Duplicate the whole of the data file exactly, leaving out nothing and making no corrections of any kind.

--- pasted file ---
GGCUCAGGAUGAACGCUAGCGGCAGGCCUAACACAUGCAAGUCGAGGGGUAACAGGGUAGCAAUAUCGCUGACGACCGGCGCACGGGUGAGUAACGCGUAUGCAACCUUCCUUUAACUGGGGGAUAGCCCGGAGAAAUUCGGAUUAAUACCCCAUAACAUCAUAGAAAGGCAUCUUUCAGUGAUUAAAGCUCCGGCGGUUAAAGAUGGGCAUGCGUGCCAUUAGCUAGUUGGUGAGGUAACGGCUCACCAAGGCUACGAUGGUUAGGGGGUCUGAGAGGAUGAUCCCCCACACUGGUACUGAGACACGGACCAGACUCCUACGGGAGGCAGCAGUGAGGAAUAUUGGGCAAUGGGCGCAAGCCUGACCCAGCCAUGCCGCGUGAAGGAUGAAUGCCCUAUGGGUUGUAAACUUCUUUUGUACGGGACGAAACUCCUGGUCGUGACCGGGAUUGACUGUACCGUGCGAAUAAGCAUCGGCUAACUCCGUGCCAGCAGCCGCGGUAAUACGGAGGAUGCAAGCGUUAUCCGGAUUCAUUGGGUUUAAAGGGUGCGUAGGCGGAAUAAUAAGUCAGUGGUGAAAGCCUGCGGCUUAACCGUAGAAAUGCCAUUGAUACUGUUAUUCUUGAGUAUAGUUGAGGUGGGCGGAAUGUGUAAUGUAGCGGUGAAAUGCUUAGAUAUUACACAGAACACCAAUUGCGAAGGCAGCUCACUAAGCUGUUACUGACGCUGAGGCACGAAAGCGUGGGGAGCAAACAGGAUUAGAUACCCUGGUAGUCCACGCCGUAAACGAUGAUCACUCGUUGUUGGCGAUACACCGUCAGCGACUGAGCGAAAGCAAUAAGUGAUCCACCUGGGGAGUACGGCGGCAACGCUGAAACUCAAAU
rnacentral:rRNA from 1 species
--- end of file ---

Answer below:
GGCUCAGGAUGAACGCUAGCGGCAGGCCUAACACAUGCAAGUCGAGGGGUAACAGGGUAGCAAUAUCGCUGACGACCGGCGCACGGGUGAGUAACGCGUAUGCAACCUUCCUUUAACUGGGGGAUAGCCCGGAGAAAUUCGGAUUAAUACCCCAUAACAUCAUAGAAAGGCAUCUUUCAGUGAUUAAAGCUCCGGCGGUUAAAGAUGGGCAUGCGUGCCAUUAGCUAGUUGGUGAGGUAACGGCUCACCAAGGCUACGAUGGUUAGGGGGUCUGAGAGGAUGAUCCCCCACACUGGUACUGAGACACGGACCAGACUCCUACGGGAGGCAGCAGUGAGGAAUAUUGGGCAAUGGGCGCAAGCCUGACCCAGCCAUGCCGCGUGAAGGAUGAAUGCCCUAUGGGUUGUAAACUUCUUUUGUACGGGACGAAACUCCUGGUCGUGACCGGGAUUGACUGUACCGUGCGAAUAAGCAUCGGCUAACUCCGUGCCAGCAGCCGCGGUAAUACGGAGGAUGCAAGCGUUAUCCGGAUUCAUUGGGUUUAAAGGGUGCGUAGGCGGAAUAAUAAGUCAGUGGUGAAAGCCUGCGGCUUAACCGUAGAAAUGCCAUUGAUACUGUUAUUCUUGAGUAUAGUUGAGGUGGGCGGAAUGUGUAAUGUAGCGGUGAAAUGCUUAGAUAUUACACAGAACACCAAUUGCGAAGGCAGCUCACUAAGCUGUUACUGACGCUGAGGCACGAAAGCGUGGGGAGCAAACAGGAUUAGAUACCCUGGUAGUCCACGCCGUAAACGAUGAUCACUCGUUGUUGGCGAUACACCGUCAGCGACUGAGCGAAAGCAAUAAGUGAUCCACCUGGGGAGUACGGCGGCAACGCUGAAACUCAAAU
rnacentral:rRNA from 1 species